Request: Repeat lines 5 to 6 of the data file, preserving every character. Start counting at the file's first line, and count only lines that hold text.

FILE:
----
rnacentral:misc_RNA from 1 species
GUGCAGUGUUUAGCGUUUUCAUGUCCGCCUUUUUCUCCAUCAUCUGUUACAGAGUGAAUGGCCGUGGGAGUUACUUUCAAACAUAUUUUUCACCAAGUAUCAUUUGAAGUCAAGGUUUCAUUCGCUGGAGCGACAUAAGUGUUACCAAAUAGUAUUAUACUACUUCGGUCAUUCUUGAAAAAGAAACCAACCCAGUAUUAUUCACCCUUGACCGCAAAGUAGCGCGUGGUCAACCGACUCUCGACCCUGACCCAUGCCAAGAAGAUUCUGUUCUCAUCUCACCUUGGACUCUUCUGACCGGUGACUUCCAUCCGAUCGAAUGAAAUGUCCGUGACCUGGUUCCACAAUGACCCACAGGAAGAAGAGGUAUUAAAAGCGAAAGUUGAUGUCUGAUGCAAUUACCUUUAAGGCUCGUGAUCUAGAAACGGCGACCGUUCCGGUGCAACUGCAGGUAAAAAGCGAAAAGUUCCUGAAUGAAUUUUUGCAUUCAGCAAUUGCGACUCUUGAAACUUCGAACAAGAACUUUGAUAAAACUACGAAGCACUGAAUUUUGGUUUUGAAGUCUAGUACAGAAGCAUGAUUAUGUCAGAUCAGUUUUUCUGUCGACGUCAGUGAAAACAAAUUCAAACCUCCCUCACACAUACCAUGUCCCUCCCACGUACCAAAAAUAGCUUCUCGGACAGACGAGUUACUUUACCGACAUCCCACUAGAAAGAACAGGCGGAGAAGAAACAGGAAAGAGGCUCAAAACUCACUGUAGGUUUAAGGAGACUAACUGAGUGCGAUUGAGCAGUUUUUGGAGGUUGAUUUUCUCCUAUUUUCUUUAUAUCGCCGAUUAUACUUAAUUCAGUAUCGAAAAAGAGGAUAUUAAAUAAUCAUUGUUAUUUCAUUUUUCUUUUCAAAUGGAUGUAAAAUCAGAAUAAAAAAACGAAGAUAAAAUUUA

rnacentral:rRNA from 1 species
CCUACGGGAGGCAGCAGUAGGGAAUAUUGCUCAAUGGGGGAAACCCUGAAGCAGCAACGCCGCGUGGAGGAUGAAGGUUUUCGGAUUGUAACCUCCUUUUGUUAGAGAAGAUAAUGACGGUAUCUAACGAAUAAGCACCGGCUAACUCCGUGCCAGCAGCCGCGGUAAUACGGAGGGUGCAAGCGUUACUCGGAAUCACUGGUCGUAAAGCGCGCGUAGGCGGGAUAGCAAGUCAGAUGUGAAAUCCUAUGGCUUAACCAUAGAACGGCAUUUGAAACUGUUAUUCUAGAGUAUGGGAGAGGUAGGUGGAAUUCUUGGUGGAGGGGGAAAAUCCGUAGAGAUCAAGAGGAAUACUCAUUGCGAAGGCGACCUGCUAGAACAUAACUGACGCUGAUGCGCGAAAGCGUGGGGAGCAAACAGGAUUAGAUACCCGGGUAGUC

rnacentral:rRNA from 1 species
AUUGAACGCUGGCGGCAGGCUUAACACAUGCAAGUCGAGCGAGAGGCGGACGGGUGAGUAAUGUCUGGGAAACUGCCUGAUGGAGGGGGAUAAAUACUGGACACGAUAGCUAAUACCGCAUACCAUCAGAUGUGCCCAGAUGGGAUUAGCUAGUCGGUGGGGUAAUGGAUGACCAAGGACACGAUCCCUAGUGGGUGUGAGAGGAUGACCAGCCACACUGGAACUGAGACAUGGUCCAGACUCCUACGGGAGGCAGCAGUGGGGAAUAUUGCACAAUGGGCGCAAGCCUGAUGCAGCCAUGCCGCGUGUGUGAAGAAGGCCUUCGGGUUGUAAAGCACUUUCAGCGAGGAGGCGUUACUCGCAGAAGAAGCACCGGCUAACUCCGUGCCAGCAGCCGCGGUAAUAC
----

rnacentral:rRNA from 1 species
AUUGAACGCUGGCGGCAGGCUUAACACAUGCAAGUCGAGCGAGAGGCGGACGGGUGAGUAAUGUCUGGGAAACUGCCUGAUGGAGGGGGAUAAAUACUGGACACGAUAGCUAAUACCGCAUACCAUCAGAUGUGCCCAGAUGGGAUUAGCUAGUCGGUGGGGUAAUGGAUGACCAAGGACACGAUCCCUAGUGGGUGUGAGAGGAUGACCAGCCACACUGGAACUGAGACAUGGUCCAGACUCCUACGGGAGGCAGCAGUGGGGAAUAUUGCACAAUGGGCGCAAGCCUGAUGCAGCCAUGCCGCGUGUGUGAAGAAGGCCUUCGGGUUGUAAAGCACUUUCAGCGAGGAGGCGUUACUCGCAGAAGAAGCACCGGCUAACUCCGUGCCAGCAGCCGCGGUAAUAC